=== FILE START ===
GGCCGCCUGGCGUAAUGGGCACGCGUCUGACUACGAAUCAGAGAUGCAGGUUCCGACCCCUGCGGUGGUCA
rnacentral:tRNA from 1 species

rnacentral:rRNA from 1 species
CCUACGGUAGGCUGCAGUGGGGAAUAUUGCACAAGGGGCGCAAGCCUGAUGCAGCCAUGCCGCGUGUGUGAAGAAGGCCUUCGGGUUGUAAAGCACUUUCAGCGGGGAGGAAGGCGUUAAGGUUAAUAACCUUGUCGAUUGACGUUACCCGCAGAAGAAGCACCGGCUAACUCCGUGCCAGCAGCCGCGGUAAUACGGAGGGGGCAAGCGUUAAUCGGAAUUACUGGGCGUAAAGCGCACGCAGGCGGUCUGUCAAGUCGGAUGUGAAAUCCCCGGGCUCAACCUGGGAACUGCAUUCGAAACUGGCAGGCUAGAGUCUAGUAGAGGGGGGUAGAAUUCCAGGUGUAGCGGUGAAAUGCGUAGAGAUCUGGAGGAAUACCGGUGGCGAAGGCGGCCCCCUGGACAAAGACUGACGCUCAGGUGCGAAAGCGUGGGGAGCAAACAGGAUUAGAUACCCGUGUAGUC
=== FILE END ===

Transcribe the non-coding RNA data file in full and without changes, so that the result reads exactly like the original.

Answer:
GGCCGCCUGGCGUAAUGGGCACGCGUCUGACUACGAAUCAGAGAUGCAGGUUCCGACCCCUGCGGUGGUCA
rnacentral:tRNA from 1 species

rnacentral:rRNA from 1 species
CCUACGGUAGGCUGCAGUGGGGAAUAUUGCACAAGGGGCGCAAGCCUGAUGCAGCCAUGCCGCGUGUGUGAAGAAGGCCUUCGGGUUGUAAAGCACUUUCAGCGGGGAGGAAGGCGUUAAGGUUAAUAACCUUGUCGAUUGACGUUACCCGCAGAAGAAGCACCGGCUAACUCCGUGCCAGCAGCCGCGGUAAUACGGAGGGGGCAAGCGUUAAUCGGAAUUACUGGGCGUAAAGCGCACGCAGGCGGUCUGUCAAGUCGGAUGUGAAAUCCCCGGGCUCAACCUGGGAACUGCAUUCGAAACUGGCAGGCUAGAGUCUAGUAGAGGGGGGUAGAAUUCCAGGUGUAGCGGUGAAAUGCGUAGAGAUCUGGAGGAAUACCGGUGGCGAAGGCGGCCCCCUGGACAAAGACUGACGCUCAGGUGCGAAAGCGUGGGGAGCAAACAGGAUUAGAUACCCGUGUAGUC